Let me remind you that Japan has never been cited by the IAEA for a violation of its safeguards agreement. In 2003 however the IAEA Secretariat (under Elbaradei, not Amano, lest we forget) told its Board of Governors that Iran systematically deceived the IAEA about the scope of its nuclear activities for 18 years. And to reiterate, those recurring failures to comply with safeguards by Iran involved nuclear materials and should have been declared to the IAEA under the terms of Iran’s CSA.

    • yousaf (History)

      There is a difference between a “concern” and a legally meaningful matter. Both in the case of Iran, and Japan.

      Iran’s legal CSA issues were resolved in 2008.

      And Japanese officials have explicitly advertised Japan’s nuclear weapons capability:

      ” Kumao Kaneko, a 76-year-old former director of the Nuclear Energy Division of Japan’s Ministry of Foreign Affairs, told the Center for Public Integrity that Tokyo pressed the Carter administration in 1977 for permission to start producing plutonium partly to ensure Japan had a weapons option.

      “We concluded, Japan should not [build] nuclear armaments, while leaving the ability” to do so, said Kaneko, who retired from the ministry in 1982 to become a director of a Foreign Ministry-affiliated think tank.

      That decision followed a formal, secret study of options for building nuclear arms, conducted in 1970 at the behest of Yasuhiro Nakasone, then Japan’s defense minister. After two years of work, the group concluded “it would be possible in a legal sense to possess small-yield, tactical, purely defensive nuclear weapons without violating the constitution.” But it decided that the effort would be costly, take years, and alienate Japan’s neighbors. The country decided instead to stay under the U.S. nuclear umbrella.

      But many prominent Japanese officials still want the capability to produce nuclear arms if they were needed, according to Naoto Kan, who held a series of top government financial and strategic policy positions before becoming Japan’s prime minister from 2010 to 2011, representing the Democratic Party of Japan — the LDP’s main rival. He said the desire for a nuclear weapons capability is an important source of support for Japan’s plutonium programs.

      “Inside Japan, and that is not only within the Democratic Party of Japan, there are entities who wish to be able to maintain the ability to produce Japan’s own plutonium,” Kan said in an interview with the Center for Public Integrity in his parliamentary office. “They do not say it in public, but they wish to have the capability to create nuclear weapons in case of a threat.”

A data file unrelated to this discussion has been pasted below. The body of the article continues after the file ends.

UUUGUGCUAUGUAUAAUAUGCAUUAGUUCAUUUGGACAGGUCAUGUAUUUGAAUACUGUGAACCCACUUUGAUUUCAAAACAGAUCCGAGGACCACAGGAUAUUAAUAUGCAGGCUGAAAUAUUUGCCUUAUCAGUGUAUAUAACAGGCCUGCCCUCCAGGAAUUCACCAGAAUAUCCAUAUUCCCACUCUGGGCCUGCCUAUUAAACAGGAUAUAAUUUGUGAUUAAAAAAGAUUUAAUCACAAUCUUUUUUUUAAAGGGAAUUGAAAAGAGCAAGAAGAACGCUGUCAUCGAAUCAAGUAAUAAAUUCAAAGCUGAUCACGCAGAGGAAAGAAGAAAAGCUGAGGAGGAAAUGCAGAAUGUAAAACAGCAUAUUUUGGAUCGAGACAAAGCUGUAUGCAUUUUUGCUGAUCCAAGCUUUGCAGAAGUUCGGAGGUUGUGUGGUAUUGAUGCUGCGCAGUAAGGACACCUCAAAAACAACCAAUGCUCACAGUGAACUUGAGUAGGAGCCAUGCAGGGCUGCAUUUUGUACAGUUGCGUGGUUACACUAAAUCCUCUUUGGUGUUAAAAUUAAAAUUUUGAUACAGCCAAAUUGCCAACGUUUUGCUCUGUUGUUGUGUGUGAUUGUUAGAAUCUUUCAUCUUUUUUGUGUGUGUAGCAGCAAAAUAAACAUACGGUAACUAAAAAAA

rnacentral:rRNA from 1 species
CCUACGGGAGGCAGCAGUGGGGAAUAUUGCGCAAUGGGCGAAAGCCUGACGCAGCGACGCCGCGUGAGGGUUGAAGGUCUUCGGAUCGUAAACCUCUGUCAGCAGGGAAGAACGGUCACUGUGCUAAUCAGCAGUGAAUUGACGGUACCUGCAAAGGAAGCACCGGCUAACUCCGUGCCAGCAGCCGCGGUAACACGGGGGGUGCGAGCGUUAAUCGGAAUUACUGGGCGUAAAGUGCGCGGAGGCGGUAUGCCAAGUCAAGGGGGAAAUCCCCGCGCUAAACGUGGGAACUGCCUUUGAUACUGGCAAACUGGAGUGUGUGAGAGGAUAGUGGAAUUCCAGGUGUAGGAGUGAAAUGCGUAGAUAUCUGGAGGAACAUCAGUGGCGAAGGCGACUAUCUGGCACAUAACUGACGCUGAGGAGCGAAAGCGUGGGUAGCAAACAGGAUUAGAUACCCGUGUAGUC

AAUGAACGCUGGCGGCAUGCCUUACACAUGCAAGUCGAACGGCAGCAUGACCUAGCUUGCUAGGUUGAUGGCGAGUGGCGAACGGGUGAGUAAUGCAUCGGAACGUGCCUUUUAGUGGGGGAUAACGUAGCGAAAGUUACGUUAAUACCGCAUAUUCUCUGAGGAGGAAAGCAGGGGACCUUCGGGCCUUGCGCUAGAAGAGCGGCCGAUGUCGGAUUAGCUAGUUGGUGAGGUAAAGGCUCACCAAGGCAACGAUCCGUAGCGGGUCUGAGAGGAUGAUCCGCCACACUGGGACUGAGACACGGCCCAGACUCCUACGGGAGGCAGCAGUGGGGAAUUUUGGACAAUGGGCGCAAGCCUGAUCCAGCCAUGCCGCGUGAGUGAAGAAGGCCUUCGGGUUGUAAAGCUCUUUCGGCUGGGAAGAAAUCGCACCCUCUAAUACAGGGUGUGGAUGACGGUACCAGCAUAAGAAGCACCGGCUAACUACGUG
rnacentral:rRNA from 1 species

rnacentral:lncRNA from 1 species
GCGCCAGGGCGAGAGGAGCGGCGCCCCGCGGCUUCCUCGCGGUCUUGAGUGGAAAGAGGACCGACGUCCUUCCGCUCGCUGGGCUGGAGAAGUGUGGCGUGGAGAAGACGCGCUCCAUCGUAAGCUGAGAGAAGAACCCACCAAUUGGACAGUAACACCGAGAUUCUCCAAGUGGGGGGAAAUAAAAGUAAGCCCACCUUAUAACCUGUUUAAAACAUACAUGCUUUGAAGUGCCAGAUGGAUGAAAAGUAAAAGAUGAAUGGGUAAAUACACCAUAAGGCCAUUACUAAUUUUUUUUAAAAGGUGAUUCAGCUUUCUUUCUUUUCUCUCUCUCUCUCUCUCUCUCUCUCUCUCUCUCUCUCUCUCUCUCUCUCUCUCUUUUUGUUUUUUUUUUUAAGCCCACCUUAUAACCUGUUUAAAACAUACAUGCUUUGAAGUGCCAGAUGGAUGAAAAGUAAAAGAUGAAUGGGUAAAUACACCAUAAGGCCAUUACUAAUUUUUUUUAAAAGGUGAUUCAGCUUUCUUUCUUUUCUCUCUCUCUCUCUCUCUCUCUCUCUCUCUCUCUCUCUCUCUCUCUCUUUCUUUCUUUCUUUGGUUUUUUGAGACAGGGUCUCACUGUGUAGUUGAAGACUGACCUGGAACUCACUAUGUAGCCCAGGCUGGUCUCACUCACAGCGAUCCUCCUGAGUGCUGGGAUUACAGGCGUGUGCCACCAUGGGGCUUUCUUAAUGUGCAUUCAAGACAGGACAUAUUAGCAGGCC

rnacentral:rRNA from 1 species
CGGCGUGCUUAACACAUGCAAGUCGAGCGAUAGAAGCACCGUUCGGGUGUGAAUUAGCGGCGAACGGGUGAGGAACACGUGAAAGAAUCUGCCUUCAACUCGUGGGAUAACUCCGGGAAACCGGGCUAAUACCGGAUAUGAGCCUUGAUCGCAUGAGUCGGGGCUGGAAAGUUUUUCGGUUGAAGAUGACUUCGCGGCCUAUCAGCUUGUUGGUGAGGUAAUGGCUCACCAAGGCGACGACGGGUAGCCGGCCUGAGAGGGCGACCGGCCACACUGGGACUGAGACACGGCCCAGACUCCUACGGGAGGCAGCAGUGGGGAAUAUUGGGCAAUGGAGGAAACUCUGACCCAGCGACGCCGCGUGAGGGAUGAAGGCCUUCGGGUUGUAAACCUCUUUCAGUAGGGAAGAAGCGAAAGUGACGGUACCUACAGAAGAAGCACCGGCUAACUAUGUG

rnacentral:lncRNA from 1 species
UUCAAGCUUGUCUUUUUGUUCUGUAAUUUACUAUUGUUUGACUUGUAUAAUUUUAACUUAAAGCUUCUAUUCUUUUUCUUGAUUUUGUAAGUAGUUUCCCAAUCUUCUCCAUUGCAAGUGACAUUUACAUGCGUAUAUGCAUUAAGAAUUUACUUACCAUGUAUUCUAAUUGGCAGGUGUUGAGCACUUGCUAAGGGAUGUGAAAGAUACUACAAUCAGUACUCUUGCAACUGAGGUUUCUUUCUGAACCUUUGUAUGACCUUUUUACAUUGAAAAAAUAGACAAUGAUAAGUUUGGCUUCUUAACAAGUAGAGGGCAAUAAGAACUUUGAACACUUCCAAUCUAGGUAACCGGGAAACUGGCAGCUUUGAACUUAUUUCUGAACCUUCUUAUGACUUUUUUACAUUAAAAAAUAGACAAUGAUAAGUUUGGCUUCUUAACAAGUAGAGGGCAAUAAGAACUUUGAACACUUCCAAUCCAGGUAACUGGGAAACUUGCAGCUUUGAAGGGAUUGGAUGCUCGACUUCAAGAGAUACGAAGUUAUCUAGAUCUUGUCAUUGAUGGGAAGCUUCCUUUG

It’s a bold assertion, which independent figures — like Hiroaki Kodai, a 63-year old physicist at Kyoto University — say Japanese society usually does not tolerate. Kodai, who is an assistant professor, says his own similar declarations have “not been good for my career.”

      The U.S. has long been concerned about potential development of a Japanese bomb, since Japan has the scientific skills, infrastructure and — most important — the raw explosive material in the form of plutonium, hundreds of pounds of weapons-grade uranium, and the technology to produce more. “

    • mark (History)


      Nothing in your litany of citations points to any official decisions by Japanese leaders to set up a parallel nuclear program, engage in undeclared nuclear activities as Iran did for nearly two decades, or embark on the kind of military-led R&D that the IAEA is asking Iran to explain.

      I asked people who were at the table with Kaneko years ago. They told me they don’t believe things transpired as you relate. One had this to add: “The Japanese had just ratified the NPT, and any suggestion to the Carter administration that they wanted to produce plutonium for a nuclear weapons option would have blown the negotiations out of the water.”

      It is well known and in the public record that for decades the U.S. has had concerns that Japan might go off on a tangent were any of a number of things to happen. To my knowledge US policy on Japan’s peaceful nuclear program was largely informed by that concern and they monitored this very closely. Neither the US, nor any other state, has had that kind of leverage over Iran since the revolution. You can deduct what you want from that fact.

      What you write on Japan tracks very closely with Iran’s narrative about Japan in the IAEA boardroom over many years. Iran says: “The U.S., the West, Israel, and the IAEA are unfair and are beating up on us. Japan is a near-nuclear weapons state whose NW capabilities are protected by America. Iran however has only wanted peaceful nuclear energy.” Up to you if you want buy into this–or not.

      This is the last word on this subject. I’m closing the post on this and moving on.

  2. Strontium-90 (History)

    Yet another round of bungled public diplomacy. Mr. Amano left the appearance of consciously avoiding reference to nuclear security mere weeks before the next NSS convenes. Astonishing.

  3. Arch Roberts (History)

    As usual, read Fitzpatrick, and get a grip.